Newly Forming Stars Don’t Blast Away Material as Previously Believed. So Why Do They Stop Growing?

We thought we understood how stars are formed. It turns out, we don’t. Not completely, anyway. A new study, recently conducted using data from the Hubble Space Telescope, is sending astronomers back to the drawing board to rewrite the accepted model of stellar formation.

What we do know about star formation is that they are born from enormous clouds of hydrogen gas. The gas gets clumped together and compressed by gravity, increasing in pressure and temperature until the mass grows large enough to set off nuclear fusion. But stars don’t seem to absorb all of the gas in their surroundings. Something stops them from reaching enormous sizes.

Until now, the accepted model assumed that the excess gas gets blown away from the star in extremely powerful solar winds, shaped and directed by magnetic fields shooting out from the poles of the star. “There are remarkable ‘U’- or ‘V’- shaped structures extending to the north and south of a protostar,” explains Nolan Habel, one of the researchers from the University of Toledo. “They are actually hollowed-out cavities carved into the surrounding gas by hurricane-like winds or jets of material expelled from the poles of the protostar.”

Protostars being born in the Orion Nebula, as seen by the Hubble Space Telescope. Image Credit: NASA, ESA, STScI, N. Habel and S. T. Megeath (University of Toledo).

These powerful jets were thought to eventually clear out all the excess gas, leaving stars to only absorb about 30% of the material in their surroundings. But the new study turns this theory on its head. The cavities created by the jets do not seem to grow steadily over time, meaning that they alone cannot possibly explain why stars stop growing. There must be some other mechanism that helps clear out the remaining gas surrounding a protostar.

The team made this discovery by studying a sample of 304 protostars at various stages of formation in the Orion Nebula (the closest region of star formation to Earth). The astronomers sorted the stars by age, and then used Hubble imagery to measure the shape and volume of the cavities created by jets. They were expecting to see the cavities grow over time, as the model suggests should happen. But, they didn’t.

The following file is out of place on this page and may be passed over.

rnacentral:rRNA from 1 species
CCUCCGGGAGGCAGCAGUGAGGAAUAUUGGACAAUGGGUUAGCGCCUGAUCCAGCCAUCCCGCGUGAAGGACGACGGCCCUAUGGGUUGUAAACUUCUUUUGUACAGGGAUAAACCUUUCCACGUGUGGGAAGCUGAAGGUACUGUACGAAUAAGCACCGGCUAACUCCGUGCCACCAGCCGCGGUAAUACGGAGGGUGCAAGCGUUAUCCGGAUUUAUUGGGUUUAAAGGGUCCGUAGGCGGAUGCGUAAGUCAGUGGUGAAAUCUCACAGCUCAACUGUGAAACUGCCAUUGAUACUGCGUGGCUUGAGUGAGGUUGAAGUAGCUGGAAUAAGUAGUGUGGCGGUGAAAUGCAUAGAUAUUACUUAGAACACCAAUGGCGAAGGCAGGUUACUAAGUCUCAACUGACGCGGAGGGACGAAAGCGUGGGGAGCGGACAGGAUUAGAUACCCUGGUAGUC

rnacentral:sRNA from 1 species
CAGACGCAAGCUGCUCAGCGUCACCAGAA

“We find that at the end of the protostellar phase, where most of the gas has fallen from the surrounding cloud onto the star, a number of young stars still have fairly narrow cavities,” said Tom Megeath, another researcher on the team. This goes against all common theories of star formation, and is going to require further research to figure out what is happening. Why do stars stop growing, if not because of their polar jets?

A wide view of the Orion Nebula, taken by the Hubble Space Telescope. Image Credit: NASA, ESA, M. Robberto (Space Telescope Science Institute/ESA) and the Hubble Space Telescope Orion Treasury Project Team.

The team has brainstormed a few possible alternatives. The gas clouds in which stars form are not uniformly dense. They have ‘filaments’ of higher density where protostars tend to form, and oscillations in these filaments might fling the protostars away. We also know that stars don’t always form alone: about half of all sun-like stars have a binary partner. It is conceivable that two or more protostars forming close to one another might gravitationally disturb each other, pushing them away from their source material.

For now, these are just theories. It will probably take bigger and better instruments to find a concrete answer. The James Webb Space Telescope, set to launch later this year, might provide astronomers with the clues they need to solve the mystery. In the meantime, there’s a whole lot of astrophysics textbooks out there that are going to need a revised edition.

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Scott Alan Johnston

Scott Alan Johnston is a science writer/editor at the Perimeter Institute for Theoretical Physics, a contributor at Universe Today, and a historian of science. He is the author of "The Clocks are Telling Lies," which tells the story of the early days of global timekeeping, when 19th-century astronomers and engineers struggled to organize time in a newly interconnected world. You can follow Scott on Twitter @ScottyJ_PhD

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